Unfortunately, the same shortcomings of the old site persist in the new one. Surely someone at Church Headquarters will address them in the near future. Two of them are:

1. There is no consistent definition of addiction on the site. The articles float back and forth between pornography consumption as an addiction or as merely a bad habit. Sometimes the pieces even use the words “addiction” and “habit” interchangeably in the same sentence. Speaking as an addict in recovery, that’s bad, bad, bad! It’s confusing and harmful to addicts who are just trying to figure out addiction, let alone find recovery from it.

2. The site zeroes in on porn without reference to the more deadly problem of lust. As I’ve said many times, when we focus exclusively on pornography, it’s kind of like focusing on Coors Light in the context of alcoholism. Giving up Coors Light is only meaningful to the alcoholic if he or she also gives up all alcohol at the same time. Lust addiction is cunning, baffling and powerful in the mind of the addict. It is tough to spot and incredibly difficult to overcome if you’re addicted to it–usually because you don’t understand it. A big reason why most “porn addicts” fail to recover is because they have absolutely no clue that they are continuing to feed a steady stream of lust into their brains–all while they’re fighting to stay away from porn. The site needs to do a better job of teaching addicts how to overcome lust–not just porn.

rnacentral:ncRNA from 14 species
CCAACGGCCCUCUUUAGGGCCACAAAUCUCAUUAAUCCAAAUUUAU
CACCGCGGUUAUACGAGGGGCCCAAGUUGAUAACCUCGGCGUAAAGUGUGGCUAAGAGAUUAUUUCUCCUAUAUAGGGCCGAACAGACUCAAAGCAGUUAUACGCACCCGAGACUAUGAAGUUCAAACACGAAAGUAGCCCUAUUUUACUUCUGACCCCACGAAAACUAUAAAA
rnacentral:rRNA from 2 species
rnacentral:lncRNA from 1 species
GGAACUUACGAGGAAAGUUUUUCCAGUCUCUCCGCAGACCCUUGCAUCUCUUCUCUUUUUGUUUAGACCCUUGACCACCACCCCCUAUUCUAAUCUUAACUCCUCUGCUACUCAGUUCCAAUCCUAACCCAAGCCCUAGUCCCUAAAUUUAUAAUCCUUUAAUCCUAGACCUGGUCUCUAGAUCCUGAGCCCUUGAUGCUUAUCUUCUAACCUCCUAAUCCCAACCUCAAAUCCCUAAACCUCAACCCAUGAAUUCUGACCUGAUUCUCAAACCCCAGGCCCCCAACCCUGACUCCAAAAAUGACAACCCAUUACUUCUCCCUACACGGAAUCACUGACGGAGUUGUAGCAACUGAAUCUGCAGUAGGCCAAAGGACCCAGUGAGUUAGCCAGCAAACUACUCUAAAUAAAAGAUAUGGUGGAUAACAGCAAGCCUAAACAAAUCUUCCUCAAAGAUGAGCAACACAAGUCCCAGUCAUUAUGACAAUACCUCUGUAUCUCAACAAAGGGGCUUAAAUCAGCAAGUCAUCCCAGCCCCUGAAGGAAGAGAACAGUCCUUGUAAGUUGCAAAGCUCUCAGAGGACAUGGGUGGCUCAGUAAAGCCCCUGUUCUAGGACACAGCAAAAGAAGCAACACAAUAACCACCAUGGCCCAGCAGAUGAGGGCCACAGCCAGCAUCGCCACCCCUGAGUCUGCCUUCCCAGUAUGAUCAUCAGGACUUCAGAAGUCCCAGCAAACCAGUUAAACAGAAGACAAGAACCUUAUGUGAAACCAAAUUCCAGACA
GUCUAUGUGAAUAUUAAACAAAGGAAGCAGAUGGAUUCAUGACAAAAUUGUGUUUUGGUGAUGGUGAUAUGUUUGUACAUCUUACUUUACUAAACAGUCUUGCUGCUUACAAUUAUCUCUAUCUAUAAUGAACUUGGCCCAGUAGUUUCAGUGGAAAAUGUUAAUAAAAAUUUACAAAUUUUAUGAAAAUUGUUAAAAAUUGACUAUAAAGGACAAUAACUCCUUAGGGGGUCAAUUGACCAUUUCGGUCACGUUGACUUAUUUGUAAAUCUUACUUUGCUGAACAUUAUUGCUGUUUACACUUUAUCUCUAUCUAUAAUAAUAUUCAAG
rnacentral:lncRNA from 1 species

My favorite part of the Morgenegg news articles was the quote from President Monson’s closing address in the April 2009 General Conference. To those who were addicted to pornography, he said very simply, “Seek the help you need to overcome and to change the direction of your life.” Translation: Get help from others because secrecy and isolation don’t work! For that single message alone, this new website is important for Latter-day Saints.

About Andrew+

Latter-day Saint, sex and pornography addict in recovery, dealing with depression, returned missionary, father of a bunch of kids, graduate degree, self-employed, Book of Mormon reader, writer and thinker. Working on understanding and overcoming resentment, the number one killer of addicts.

Comments

Ask and Ye Shall Receive – LDS Church Updates Its Porn Addiction Recovery Site – Sort Of — 8 Comments

  1. Pingback: 3 Big Reason to Look at the LDS Church's Sexual Addiction Reading List

  2. I just viewed the new web site and was COMPLETELY disappointed. It dose not really describe what it takes to get into recovery. Sadly, many members only look to the church for solutions to this addiction. When I first discovered my husband’s addiction, I was in trauma, I did not know where to get help. Sadly, my local church leaders did not offer any solutions except the “one day you will learn to forgive” bit. It was not until I starting looking outside the church that I found help for me and REAL help for my husband. When I look back my this experience, I think about it in different terms. Would I go to the bishop and ask for his advice if I had a brain tumor? Maybe, if he had experience in this area. But, I would have to research so I could get the best treatment. It is up to me to find the solutions for my problems and that involves searching for answers. The resources are there, we just have to want to find them and do the work.